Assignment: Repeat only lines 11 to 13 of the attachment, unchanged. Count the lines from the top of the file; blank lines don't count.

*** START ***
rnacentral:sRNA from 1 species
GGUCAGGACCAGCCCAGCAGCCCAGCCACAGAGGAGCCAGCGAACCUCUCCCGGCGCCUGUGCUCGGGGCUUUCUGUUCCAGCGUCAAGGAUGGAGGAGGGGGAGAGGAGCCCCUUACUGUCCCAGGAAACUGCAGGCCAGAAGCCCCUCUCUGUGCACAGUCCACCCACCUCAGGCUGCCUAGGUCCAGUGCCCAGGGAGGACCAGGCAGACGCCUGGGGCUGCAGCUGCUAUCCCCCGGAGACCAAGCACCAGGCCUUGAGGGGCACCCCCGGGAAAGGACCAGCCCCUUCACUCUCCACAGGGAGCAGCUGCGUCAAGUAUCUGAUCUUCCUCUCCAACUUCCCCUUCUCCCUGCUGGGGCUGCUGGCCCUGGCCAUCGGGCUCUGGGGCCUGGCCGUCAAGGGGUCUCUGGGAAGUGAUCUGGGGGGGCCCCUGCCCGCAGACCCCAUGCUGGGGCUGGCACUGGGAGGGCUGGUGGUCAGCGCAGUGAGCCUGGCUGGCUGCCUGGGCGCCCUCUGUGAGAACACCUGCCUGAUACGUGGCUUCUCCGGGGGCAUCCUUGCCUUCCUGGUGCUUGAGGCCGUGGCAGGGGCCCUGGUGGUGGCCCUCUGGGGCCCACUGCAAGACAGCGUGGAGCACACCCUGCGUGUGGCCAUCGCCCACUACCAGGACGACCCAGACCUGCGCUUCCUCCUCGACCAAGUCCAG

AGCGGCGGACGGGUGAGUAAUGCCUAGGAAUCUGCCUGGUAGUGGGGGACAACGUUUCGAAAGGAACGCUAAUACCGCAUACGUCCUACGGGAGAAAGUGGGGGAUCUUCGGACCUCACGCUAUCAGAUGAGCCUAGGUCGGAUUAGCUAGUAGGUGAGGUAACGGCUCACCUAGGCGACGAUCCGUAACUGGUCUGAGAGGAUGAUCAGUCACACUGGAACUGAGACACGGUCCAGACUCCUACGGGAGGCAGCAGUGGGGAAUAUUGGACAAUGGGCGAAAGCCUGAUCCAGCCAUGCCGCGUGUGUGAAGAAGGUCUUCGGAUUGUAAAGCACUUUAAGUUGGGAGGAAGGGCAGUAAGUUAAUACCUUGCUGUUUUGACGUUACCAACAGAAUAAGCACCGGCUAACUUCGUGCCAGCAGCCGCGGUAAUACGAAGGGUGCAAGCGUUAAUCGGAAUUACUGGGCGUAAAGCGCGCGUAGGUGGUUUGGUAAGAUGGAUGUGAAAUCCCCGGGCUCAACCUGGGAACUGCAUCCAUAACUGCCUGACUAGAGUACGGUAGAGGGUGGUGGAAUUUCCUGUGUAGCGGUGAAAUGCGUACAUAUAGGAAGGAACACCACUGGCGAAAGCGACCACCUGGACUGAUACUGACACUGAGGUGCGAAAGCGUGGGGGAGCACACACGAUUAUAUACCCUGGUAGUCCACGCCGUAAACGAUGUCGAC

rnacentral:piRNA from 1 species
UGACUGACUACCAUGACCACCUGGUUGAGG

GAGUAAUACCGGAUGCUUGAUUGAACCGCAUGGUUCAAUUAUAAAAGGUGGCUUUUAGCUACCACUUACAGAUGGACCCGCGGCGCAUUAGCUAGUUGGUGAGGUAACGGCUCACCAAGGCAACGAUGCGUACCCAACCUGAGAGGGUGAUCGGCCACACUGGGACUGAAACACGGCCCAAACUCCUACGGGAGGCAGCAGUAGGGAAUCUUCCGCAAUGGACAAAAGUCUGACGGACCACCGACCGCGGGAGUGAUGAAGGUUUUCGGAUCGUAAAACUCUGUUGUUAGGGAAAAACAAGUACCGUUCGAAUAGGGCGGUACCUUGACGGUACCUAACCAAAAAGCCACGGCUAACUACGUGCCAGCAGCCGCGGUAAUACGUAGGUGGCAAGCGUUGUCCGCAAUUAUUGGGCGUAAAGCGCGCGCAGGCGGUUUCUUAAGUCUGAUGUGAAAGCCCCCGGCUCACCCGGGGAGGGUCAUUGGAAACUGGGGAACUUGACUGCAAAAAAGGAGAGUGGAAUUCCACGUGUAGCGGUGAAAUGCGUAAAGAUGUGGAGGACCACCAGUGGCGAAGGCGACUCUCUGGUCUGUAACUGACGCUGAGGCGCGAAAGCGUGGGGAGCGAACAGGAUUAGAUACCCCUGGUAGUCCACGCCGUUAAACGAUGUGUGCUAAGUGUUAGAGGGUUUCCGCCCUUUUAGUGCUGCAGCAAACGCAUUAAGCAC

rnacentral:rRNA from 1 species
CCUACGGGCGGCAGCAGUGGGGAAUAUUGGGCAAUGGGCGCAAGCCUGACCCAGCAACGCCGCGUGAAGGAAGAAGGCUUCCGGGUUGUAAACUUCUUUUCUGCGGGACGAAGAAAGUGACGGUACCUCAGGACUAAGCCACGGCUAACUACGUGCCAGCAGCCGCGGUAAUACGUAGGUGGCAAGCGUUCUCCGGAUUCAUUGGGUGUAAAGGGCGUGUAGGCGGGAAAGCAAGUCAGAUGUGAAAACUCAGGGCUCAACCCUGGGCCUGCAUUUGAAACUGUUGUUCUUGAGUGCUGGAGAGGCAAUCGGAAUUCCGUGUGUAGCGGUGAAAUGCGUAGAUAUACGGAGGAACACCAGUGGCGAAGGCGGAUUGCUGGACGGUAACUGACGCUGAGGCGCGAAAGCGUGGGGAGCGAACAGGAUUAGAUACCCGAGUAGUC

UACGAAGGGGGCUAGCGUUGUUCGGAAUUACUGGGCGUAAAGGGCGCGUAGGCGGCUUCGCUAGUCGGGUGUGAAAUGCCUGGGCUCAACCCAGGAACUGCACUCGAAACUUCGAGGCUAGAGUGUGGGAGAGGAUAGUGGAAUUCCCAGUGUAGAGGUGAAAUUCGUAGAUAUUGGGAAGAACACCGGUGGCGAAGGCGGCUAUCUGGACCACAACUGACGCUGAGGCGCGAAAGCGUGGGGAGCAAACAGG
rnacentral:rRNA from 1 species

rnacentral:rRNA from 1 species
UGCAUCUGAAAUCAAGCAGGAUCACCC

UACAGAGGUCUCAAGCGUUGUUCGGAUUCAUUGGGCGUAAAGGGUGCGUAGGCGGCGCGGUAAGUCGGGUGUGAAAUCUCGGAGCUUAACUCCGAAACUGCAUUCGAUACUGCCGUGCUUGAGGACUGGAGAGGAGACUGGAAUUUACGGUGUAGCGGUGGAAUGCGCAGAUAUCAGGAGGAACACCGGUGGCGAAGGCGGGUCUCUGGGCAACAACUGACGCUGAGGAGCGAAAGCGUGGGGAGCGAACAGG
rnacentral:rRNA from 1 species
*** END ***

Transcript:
rnacentral:rRNA from 1 species
UGCAUCUGAAAUCAAGCAGGAUCACCC

UACAGAGGUCUCAAGCGUUGUUCGGAUUCAUUGGGCGUAAAGGGUGCGUAGGCGGCGCGGUAAGUCGGGUGUGAAAUCUCGGAGCUUAACUCCGAAACUGCAUUCGAUACUGCCGUGCUUGAGGACUGGAGAGGAGACUGGAAUUUACGGUGUAGCGGUGGAAUGCGCAGAUAUCAGGAGGAACACCGGUGGCGAAGGCGGGUCUCUGGGCAACAACUGACGCUGAGGAGCGAAAGCGUGGGGAGCGAACAGG